Send Veeam Agent for Windows backups to both a local repository and to Cloud Connect

Veeam Agent for Windows 2.0 is today available as a public beta, and it’s soon to be officially released. One of the most awaited features is for sure the possibility to send backups over the Internet to Veeam Cloud Connect, and the feedback we’ve seen during the public beta period has been great so far. There’s actually however one limit in v2: users can only choose one destination for their backups. So, if you want to consume Cloud Connect, this is going to be your only traget and you will have no local backups, and viceversa. Two different policies cannot be configured in the interface, but this doesn’t mean it cannot be done!

Use Veeam Backup & Replication Free Edition to collect Veeam Agents backups

Veeam Agents, both for Windows and for Linux, have the possibility to send backups to a Veeam Backup & Replication server. This is a great feature, but sometimes customers don’t even have anymore any virtualized workload to protect, so they find a hard time to justify the deployment of Veeam Backup & Replication to only protect physical workloads. There’s a solution to this however, and it doesn’t cost anything to users.

Cloud outages and the couch architects all over the world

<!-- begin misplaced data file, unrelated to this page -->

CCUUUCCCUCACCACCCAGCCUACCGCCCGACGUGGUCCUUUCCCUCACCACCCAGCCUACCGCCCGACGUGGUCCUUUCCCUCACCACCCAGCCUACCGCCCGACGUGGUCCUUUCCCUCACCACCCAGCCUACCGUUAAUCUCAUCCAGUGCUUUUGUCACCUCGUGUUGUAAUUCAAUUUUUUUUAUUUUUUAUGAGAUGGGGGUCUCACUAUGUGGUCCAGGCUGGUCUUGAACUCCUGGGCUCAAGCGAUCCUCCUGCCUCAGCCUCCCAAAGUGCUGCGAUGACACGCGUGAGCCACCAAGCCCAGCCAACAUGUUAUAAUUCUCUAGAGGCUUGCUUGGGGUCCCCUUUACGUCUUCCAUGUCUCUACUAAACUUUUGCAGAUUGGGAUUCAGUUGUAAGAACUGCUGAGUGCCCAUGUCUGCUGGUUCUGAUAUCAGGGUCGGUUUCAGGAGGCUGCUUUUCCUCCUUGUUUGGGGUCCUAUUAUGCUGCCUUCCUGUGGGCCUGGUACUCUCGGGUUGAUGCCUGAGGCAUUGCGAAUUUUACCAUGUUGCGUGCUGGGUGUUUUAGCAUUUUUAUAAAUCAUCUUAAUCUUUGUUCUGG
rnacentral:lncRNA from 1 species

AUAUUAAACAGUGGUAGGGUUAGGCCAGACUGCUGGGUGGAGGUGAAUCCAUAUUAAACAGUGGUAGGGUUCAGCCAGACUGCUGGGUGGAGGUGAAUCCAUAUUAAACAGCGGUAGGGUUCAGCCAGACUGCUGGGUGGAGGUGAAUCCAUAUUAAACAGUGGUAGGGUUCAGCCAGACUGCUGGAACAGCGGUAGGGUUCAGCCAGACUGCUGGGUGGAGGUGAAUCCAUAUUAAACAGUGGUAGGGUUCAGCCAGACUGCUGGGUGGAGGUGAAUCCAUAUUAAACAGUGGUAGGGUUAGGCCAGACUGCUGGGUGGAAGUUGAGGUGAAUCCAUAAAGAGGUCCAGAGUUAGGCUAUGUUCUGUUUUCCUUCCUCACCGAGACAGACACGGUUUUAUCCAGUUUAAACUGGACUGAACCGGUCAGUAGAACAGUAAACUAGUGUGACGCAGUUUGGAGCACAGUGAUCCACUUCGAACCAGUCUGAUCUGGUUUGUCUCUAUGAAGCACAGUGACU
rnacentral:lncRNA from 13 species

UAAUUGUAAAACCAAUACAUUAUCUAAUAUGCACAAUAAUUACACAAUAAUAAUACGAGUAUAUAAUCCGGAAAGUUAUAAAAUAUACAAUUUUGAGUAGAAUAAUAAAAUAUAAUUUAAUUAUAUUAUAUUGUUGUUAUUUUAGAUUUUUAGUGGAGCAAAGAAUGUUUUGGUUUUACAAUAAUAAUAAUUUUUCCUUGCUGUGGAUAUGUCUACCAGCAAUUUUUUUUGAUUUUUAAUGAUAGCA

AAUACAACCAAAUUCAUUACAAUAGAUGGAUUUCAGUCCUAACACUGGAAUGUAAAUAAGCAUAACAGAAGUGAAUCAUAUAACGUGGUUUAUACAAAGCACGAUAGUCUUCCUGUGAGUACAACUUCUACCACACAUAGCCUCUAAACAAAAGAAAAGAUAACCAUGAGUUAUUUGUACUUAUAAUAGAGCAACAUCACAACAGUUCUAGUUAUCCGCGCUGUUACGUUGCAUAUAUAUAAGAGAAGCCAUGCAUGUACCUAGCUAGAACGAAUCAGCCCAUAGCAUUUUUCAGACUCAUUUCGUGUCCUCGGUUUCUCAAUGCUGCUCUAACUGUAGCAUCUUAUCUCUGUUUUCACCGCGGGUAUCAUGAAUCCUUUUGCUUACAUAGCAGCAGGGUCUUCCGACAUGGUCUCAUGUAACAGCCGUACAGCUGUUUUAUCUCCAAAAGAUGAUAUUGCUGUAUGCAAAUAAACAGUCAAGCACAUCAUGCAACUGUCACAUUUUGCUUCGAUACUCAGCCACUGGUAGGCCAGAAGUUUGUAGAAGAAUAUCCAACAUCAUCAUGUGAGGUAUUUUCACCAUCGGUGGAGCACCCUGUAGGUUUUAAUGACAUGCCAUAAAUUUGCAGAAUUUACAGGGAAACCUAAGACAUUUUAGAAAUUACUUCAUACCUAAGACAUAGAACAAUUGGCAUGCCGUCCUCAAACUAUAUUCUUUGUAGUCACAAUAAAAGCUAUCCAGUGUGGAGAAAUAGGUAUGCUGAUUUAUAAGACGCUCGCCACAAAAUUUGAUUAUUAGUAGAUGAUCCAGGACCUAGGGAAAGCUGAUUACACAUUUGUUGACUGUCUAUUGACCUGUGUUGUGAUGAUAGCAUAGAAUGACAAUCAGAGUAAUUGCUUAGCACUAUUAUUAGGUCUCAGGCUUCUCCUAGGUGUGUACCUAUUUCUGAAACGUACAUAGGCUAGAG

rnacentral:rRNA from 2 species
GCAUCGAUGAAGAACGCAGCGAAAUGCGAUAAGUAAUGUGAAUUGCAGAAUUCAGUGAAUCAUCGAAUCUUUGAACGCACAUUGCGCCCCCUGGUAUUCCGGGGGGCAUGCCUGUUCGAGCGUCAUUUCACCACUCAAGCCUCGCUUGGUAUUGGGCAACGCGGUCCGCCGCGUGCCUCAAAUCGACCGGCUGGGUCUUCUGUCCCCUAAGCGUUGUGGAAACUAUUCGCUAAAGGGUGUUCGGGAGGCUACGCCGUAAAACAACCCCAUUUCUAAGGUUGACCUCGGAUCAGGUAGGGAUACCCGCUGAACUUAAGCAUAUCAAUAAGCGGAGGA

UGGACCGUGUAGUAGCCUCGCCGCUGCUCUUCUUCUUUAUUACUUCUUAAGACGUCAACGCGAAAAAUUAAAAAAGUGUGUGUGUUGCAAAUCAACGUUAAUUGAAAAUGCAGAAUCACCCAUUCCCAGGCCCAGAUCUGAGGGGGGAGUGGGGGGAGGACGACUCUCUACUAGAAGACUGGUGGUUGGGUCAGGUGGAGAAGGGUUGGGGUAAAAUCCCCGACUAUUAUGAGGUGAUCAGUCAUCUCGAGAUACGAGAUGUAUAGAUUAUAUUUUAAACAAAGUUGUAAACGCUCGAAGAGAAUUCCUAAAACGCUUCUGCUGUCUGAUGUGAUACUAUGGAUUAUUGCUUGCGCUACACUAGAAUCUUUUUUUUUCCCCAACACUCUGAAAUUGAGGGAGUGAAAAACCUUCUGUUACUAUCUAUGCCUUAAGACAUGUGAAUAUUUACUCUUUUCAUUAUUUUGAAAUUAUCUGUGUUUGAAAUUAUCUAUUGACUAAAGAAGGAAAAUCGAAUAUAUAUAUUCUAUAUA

Last week, another outage of a large cloud provider hit the news, and the many companies using their services were impacted. This time it was Amazon Web Services, as their S3 service in the US-East region has been down for almost 4 hours, impacting so many other cloud services that are relying on this object storage technology. What impacted me, however, had been the reactions of other IT people around and the couch architects all over the world.

Security for your virtual machines: backup of vSphere encrypted VMs

In my previous post of this small series, titled Security for your virtual machines: what is KMIP?, I talked about the new generation of the main hypervisors, VMware vSphere 6.5 and Microsoft Hyper-V 2016, and how they both introduced new encryption capabilities for virtual machines. I described the underlying technology used by VMware, KMIP; it’s not time to implement it in my lab and see how it interacts with data protection, specifically backups.

Security for your virtual machines: what is KMIP?

The latest generation of the main hypervisors has shown, among other things, a renewed and increased focus on security, with the most visible feature being VM encryption. It’s amazing to see how both VMware vSphere 6.5 and Microsoft Hyper-V 2016, both released in the same year, introduced this feature at the same time. But it’s less of a surprise if you think about all the security issues that IT admins and users are facing lately, with things like ransomware, cryptolocker and other threads.
In this first of a series of posts, we’ll look at the different solutions and some deep dive into the used technologies, and how operations like backups are impacted. In this first post, let’s talk about KMIP.